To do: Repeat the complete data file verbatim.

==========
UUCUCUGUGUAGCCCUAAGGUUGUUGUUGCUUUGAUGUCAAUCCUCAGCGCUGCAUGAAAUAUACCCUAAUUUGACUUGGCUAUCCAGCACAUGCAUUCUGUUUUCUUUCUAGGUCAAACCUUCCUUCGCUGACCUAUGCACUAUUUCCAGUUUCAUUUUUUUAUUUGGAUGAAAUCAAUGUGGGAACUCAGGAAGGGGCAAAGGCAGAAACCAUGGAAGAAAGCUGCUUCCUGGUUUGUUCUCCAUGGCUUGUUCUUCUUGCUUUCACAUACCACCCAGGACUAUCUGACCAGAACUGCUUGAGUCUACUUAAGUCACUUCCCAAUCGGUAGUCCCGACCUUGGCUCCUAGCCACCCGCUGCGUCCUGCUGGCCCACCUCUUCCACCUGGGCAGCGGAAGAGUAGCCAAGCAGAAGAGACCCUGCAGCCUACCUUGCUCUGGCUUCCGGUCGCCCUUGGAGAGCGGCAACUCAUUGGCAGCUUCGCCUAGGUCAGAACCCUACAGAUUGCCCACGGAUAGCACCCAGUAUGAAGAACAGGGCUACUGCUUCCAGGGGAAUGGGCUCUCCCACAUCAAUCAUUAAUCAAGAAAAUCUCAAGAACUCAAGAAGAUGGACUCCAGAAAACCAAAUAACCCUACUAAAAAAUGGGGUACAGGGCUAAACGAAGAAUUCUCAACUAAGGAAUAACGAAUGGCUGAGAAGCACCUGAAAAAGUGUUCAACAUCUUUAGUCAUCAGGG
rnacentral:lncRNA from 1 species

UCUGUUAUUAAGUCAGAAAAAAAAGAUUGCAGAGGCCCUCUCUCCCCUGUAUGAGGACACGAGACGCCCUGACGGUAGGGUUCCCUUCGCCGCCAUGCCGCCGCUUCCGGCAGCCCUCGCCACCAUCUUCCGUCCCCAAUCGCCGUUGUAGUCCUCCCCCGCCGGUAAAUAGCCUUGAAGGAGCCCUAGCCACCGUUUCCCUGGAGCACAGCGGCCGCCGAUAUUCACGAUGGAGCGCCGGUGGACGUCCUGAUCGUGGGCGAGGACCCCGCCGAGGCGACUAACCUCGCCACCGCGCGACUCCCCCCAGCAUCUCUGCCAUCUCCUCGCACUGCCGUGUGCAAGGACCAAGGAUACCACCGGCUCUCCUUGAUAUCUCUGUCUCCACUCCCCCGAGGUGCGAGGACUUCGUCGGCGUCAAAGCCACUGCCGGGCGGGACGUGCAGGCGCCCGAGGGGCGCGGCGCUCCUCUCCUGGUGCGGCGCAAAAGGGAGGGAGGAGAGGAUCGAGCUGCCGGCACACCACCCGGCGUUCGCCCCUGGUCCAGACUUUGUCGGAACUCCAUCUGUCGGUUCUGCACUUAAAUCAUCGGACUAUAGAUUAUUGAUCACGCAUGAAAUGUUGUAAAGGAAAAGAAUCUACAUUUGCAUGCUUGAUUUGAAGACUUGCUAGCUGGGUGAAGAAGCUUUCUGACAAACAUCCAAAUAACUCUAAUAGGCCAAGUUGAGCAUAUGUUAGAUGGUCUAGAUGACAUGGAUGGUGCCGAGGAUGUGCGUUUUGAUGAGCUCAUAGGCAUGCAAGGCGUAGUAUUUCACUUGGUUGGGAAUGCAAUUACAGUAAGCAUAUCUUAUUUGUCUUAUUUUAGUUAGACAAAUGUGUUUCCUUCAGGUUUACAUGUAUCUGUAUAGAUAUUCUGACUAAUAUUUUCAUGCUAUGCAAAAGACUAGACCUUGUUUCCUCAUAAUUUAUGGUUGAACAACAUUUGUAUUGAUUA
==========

UUCUCUGUGUAGCCCUAAGGUUGUUGUUGCUUUGAUGUCAAUCCUCAGCGCUGCAUGAAAUAUACCCUAAUUUGACUUGGCUAUCCAGCACAUGCAUUCUGUUUUCUUUCUAGGUCAAACCUUCCUUCGCUGACCUAUGCACUAUUUCCAGUUUCAUUUUUUUAUUUGGAUGAAAUCAAUGUGGGAACUCAGGAAGGGGCAAAGGCAGAAACCAUGGAAGAAAGCUGCUUCCUGGUUUGUUCUCCAUGGCUUGUUCUUCUUGCUUUCACAUACCACCCAGGACUAUCUGACCAGAACUGCUUGAGUCUACUUAAGUCACUUCCCAAUCGGUAGUCCCGACCUUGGCUCCUAGCCACCCGCUGCGUCCUGCUGGCCCACCUCUUCCACCUGGGCAGCGGAAGAGUAGCCAAGCAGAAGAGACCCUGCAGCCUACCUUGCUCUGGCUUCCGGUCGCCCUUGGAGAGCGGCAACUCAUUGGCAGCUUCGCCUAGGUCAGAACCCUACAGAUUGCCCACGGAUAGCACCCAGUAUGAAGAACAGGGCUACUGCUUCCAGGGGAAUGGGCUCUCCCACAUCAAUCAUUAAUCAAGAAAAUCUCAAGAACUCAAGAAGAUGGACUCCAGAAAACCAAAUAACCCUACUAAAAAAUGGGGUACAGGGCUAAACGAAGAAUUCUCAACUAAGGAAUAACGAAUGGCUGAGAAGCACCUGAAAAAGUGUUCAACAUCUUUAGUCAUCAGGG
rnacentral:lncRNA from 1 species

UCUGUUAUUAAGUCAGAAAAAAAAGAUUGCAGAGGCCCUCUCUCCCCUGUAUGAGGACACGAGACGCCCUGACGGUAGGGUUCCCUUCGCCGCCAUGCCGCCGCUUCCGGCAGCCCUCGCCACCAUCUUCCGUCCCCAAUCGCCGUUGUAGUCCUCCCCCGCCGGUAAAUAGCCUUGAAGGAGCCCUAGCCACCGUUUCCCUGGAGCACAGCGGCCGCCGAUAUUCACGAUGGAGCGCCGGUGGACGUCCUGAUCGUGGGCGAGGACCCCGCCGAGGCGACUAACCUCGCCACCGCGCGACUCCCCCCAGCAUCUCUGCCAUCUCCUCGCACUGCCGUGUGCAAGGACCAAGGAUACCACCGGCUCUCCUUGAUAUCUCUGUCUCCACUCCCCCGAGGUGCGAGGACUUCGUCGGCGUCAAAGCCACUGCCGGGCGGGACGUGCAGGCGCCCGAGGGGCGCGGCGCUCCUCUCCUGGUGCGGCGCAAAAGGGAGGGAGGAGAGGAUCGAGCUGCCGGCACACCACCCGGCGUUCGCCCCUGGUCCAGACUUUGUCGGAACUCCAUCUGUCGGUUCUGCACUUAAAUCAUCGGACUAUAGAUUAUUGAUCACGCAUGAAAUGUUGUAAAGGAAAAGAAUCUACAUUUGCAUGCUUGAUUUGAAGACUUGCUAGCUGGGUGAAGAAGCUUUCUGACAAACAUCCAAAUAACUCUAAUAGGCCAAGUUGAGCAUAUGUUAGAUGGUCUAGAUGACAUGGAUGGUGCCGAGGAUGUGCGUUUUGAUGAGCUCAUAGGCAUGCAAGGCGUAGUAUUUCACUUGGUUGGGAAUGCAAUUACAGUAAGCAUAUCUUAUUUGUCUUAUUUUAGUUAGACAAAUGUGUUUCCUUCAGGUUUACAUGUAUCUGUAUAGAUAUUCUGACUAAUAUUUUCAUGCUAUGCAAAAGACUAGACCUUGUUUCCUCAUAAUUUAUGGUUGAACAACAUUUGUAUUGAUUA